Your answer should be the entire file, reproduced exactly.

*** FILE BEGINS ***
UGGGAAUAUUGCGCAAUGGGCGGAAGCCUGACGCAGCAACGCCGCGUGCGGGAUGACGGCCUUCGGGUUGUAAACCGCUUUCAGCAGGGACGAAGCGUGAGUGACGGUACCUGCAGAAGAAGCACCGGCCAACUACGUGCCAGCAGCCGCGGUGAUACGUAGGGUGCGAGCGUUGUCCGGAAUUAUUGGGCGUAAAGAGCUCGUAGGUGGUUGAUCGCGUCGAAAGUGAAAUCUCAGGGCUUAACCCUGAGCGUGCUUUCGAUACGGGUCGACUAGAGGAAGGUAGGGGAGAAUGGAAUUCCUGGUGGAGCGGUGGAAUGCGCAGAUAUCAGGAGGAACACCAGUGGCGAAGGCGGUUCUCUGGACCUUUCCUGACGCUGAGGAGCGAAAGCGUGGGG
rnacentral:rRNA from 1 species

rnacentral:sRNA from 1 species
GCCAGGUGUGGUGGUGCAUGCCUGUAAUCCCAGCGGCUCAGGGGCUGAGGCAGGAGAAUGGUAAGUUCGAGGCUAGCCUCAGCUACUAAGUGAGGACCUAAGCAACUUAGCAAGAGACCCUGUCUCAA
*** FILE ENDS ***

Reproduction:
UGGGAAUAUUGCGCAAUGGGCGGAAGCCUGACGCAGCAACGCCGCGUGCGGGAUGACGGCCUUCGGGUUGUAAACCGCUUUCAGCAGGGACGAAGCGUGAGUGACGGUACCUGCAGAAGAAGCACCGGCCAACUACGUGCCAGCAGCCGCGGUGAUACGUAGGGUGCGAGCGUUGUCCGGAAUUAUUGGGCGUAAAGAGCUCGUAGGUGGUUGAUCGCGUCGAAAGUGAAAUCUCAGGGCUUAACCCUGAGCGUGCUUUCGAUACGGGUCGACUAGAGGAAGGUAGGGGAGAAUGGAAUUCCUGGUGGAGCGGUGGAAUGCGCAGAUAUCAGGAGGAACACCAGUGGCGAAGGCGGUUCUCUGGACCUUUCCUGACGCUGAGGAGCGAAAGCGUGGGG
rnacentral:rRNA from 1 species

rnacentral:sRNA from 1 species
GCCAGGUGUGGUGGUGCAUGCCUGUAAUCCCAGCGGCUCAGGGGCUGAGGCAGGAGAAUGGUAAGUUCGAGGCUAGCCUCAGCUACUAAGUGAGGACCUAAGCAACUUAGCAAGAGACCCUGUCUCAA